Paul VI and the New Conception of the Magisterium

December 03, 2018
Source: fsspx.news
Pape Paul VI

The Pope of Rupture

It is important always to take a close look at the first act made after a change in life, because it clearly shows the intentions behind this change, and these intentions once again go into hiding once the new state becomes habitual. A thief feels strong remorse only after his first theft, and a good Christian after his first conversion feels a strong attraction to God.

Paul VI was the pope of the rupture with Tradition, and by this very fact he was fully aware of the violence of the change he imposed upon the Church. He put his hand to the rudder, even as he bewailed in his conscience the contradiction he was imposing upon the life of the Church. He was a divided pope.

That is why we have to look at him and his declarations if we wish to understand the true motives behind the conciliar movement and his awareness as to whether he was breaking off from or continuing what the Church had lived up until then.

The “Pastoral” Nature of the Council

In his opening speech, Pope John XXIII wished to change the nature of the Council’s magisterium, calling it “pastoral”, but at first, no one knew just how to do this. The Preparatory Commissions, in their intense work during the two years leading up to this Council, had taken this intention into account, but had done so in a traditional way, drawing up doctrinal drafts in precise but less theological terms. But that was not what the pope wanted, since he gave his permission at the beginning of the first session to throw out all these drafts.

This pastoral nature was marked by two initial dispositions that left the Council Fathers in an unprecedented situation. The first was the silencing of the Curia with the elimination of all the preparatory drafts, in order to give the floor to the new generation of what we might call “the theologians of the Rhine”.  This change was significant: the drafts and the Curia were the voice of the Roman See, whereas these theologians claimed to be the voice of the people of God. The ears of the bishops turned away from Christ, the Supreme Pastor who speaks through His Vicar, and turned to the flock speaking through experts. In fact, it came to be known as the “Council of the Experts”.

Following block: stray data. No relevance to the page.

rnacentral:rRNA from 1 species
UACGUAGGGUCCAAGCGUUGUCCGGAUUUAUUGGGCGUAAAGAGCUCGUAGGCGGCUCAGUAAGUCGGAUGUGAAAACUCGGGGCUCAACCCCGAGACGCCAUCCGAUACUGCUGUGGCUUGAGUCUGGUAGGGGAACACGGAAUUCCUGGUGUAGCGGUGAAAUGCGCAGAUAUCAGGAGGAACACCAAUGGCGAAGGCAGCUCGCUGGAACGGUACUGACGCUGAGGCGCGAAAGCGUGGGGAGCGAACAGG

John XXIII’s second decision was transparency to the world through the media. The previous councils had kept their doors closed so that no exterior influence would enter, but for Vatican II, a press center was organized, and this not only caused the conciliar discussions to be broadcasted ad extra, but also made the repercussions of the event in the international press felt ad intra. Occurring as it did in the century of communication, the Council wished to adapt. The decree Inter Mirifica on the means of communication begins with the following words: “The Church welcomes and promotes with special interest those [wonderful technological discoveries] which have a most direct relation to men's minds and which have uncovered new avenues of communicating most readily news, views and teachings of every sort… such as the press, movies, radio, television and the like.” Soon enough, the Fathers’ conversations in the hallways with the journalists came to be as important as or more so than the discussions in the council meetings. The bishops did not seek the voice of the Holy Ghost in the silence of their own hearts in the light of the Faith, but in the noise of men throughout the entire world, expressed by the means of communication.